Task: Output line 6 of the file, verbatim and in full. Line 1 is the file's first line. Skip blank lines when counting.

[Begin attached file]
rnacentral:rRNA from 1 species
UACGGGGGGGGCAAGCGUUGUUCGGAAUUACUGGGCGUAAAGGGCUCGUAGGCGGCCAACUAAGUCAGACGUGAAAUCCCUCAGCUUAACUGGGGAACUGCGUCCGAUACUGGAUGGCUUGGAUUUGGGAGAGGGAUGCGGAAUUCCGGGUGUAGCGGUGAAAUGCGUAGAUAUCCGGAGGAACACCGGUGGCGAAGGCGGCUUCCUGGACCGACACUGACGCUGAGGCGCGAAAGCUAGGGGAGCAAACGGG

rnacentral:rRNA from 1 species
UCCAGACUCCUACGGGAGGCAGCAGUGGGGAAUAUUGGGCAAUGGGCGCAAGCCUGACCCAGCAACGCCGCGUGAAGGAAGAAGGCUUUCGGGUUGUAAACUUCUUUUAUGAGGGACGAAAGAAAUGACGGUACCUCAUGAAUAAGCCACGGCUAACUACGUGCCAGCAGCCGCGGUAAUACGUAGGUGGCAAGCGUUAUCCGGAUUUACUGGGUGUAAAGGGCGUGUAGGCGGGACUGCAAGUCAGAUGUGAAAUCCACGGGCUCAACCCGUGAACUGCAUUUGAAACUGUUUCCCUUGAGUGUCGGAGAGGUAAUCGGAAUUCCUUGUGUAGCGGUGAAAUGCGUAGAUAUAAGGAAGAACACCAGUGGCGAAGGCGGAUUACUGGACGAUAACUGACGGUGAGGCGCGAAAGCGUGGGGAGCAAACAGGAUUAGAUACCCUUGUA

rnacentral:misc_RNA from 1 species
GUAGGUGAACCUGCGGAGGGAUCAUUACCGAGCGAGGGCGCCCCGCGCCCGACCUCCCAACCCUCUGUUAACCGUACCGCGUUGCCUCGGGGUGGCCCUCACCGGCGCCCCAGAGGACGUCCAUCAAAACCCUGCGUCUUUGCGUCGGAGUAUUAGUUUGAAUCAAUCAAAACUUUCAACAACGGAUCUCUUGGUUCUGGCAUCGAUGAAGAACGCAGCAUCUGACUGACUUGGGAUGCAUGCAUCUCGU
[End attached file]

GUAGGUGAACCUGCGGAGGGAUCAUUACCGAGCGAGGGCGCCCCGCGCCCGACCUCCCAACCCUCUGUUAACCGUACCGCGUUGCCUCGGGGUGGCCCUCACCGGCGCCCCAGAGGACGUCCAUCAAAACCCUGCGUCUUUGCGUCGGAGUAUUAGUUUGAAUCAAUCAAAACUUUCAACAACGGAUCUCUUGGUUCUGGCAUCGAUGAAGAACGCAGCAUCUGACUGACUUGGGAUGCAUGCAUCUCGU